East Hawaii News

PGV Settles with EPA for 2013 Violations

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PGV file courtesy photo.

PGV file courtesy photo.

Puna Geothermal Venture has reached a settlement with the United States Environmental Protection Agency for 2013 chemical safety violations against the Clean Air Act.

The energy plant located in Puna was inspected by EPA officials in August of 2013 after hydrogen sulfide from the facility was released in March and April of that year.

According to officials, the April release was caused by a pump failure, which allowed geothermal condensate, which is made up of water and some contaminants like hydrogen sulfide, to be released into the atmosphere for about 15 minutes before isolating and stopping the leak.


The March release was the result of a tripped breaker in the local power grid. In that instance, PGV’s emergency shutdown and hydrogen sulfide abatement systems functioned as designed, according to the EPA.

When conducting its August 2013 inspection, EPA found that PGV failed to take steps towards preventing accidental releases of hydrogen sulfide, including not testing and inspecting equipment as directed by manufacturers’ recommendations, lacking good engineering practices, and operating experience.

PGV reportedly had also failed to use and handle pentane, a flammable substance that is used as a working fluid in the facility’s electricity producing turbines, properly.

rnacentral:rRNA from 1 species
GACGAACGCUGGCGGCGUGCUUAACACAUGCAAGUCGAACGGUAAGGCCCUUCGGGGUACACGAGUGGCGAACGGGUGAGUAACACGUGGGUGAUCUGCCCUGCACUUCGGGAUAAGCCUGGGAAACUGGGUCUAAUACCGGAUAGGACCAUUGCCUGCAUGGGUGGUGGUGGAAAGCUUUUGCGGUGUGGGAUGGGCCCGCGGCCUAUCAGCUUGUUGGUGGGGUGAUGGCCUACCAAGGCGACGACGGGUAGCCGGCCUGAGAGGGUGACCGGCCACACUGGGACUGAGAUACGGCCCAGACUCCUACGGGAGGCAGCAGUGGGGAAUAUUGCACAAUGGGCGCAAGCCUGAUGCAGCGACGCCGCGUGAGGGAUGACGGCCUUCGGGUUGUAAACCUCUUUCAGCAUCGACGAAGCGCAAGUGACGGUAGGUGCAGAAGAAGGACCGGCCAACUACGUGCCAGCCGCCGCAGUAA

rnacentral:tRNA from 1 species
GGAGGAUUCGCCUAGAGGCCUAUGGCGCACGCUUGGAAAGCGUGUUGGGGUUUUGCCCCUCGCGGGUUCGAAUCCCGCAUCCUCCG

EPA officials said PGV failed to:

  • Conduct periodic compliance audits of its accident prevention program and document that identified deficiencies have been corrected.
  • Implement adequate written operating procedures that provide clear instructions for safely conducting activities.
  • Ensure that the frequency of inspections and tests of equipment is consistent with manufacturers’ recommendations, good engineering practices, and prior operating experience.
  • Analyze and report on a worst-case release scenario and estimate the population that would be affected by an accidental release of pentane.

PGV was recently re-inspected and found to now comply with EPA rules to minimize accidental chemical releases. The company will also pay $76,500 as a civil penalty.

“The goal of EPA’s inspections is to protect the health and safety of the workers at the plant and the residents in the community,” said Jared Blumenfeld, EPA’s Regional Administrator for the Pacific Southwest. “Our continued oversight will help ensure that it operates in a safe manner by complying with federal requirements.”


The penalty action is taken under the federal Clean Air Act’s Section 112(r) General Duty Clause and Risk Management Program requirements. The clause required facilities to minimize the probability and consequences of accidental chemical releases to better protect workers, communities, and the environment.

In addition to EPA’s oversight, including the Risk Management Plan updates that PGV must submit, the air permit issued to the facility by Hawai’i’s Department of Health requires PGV to submit regular air quality monitoring reports to the state.

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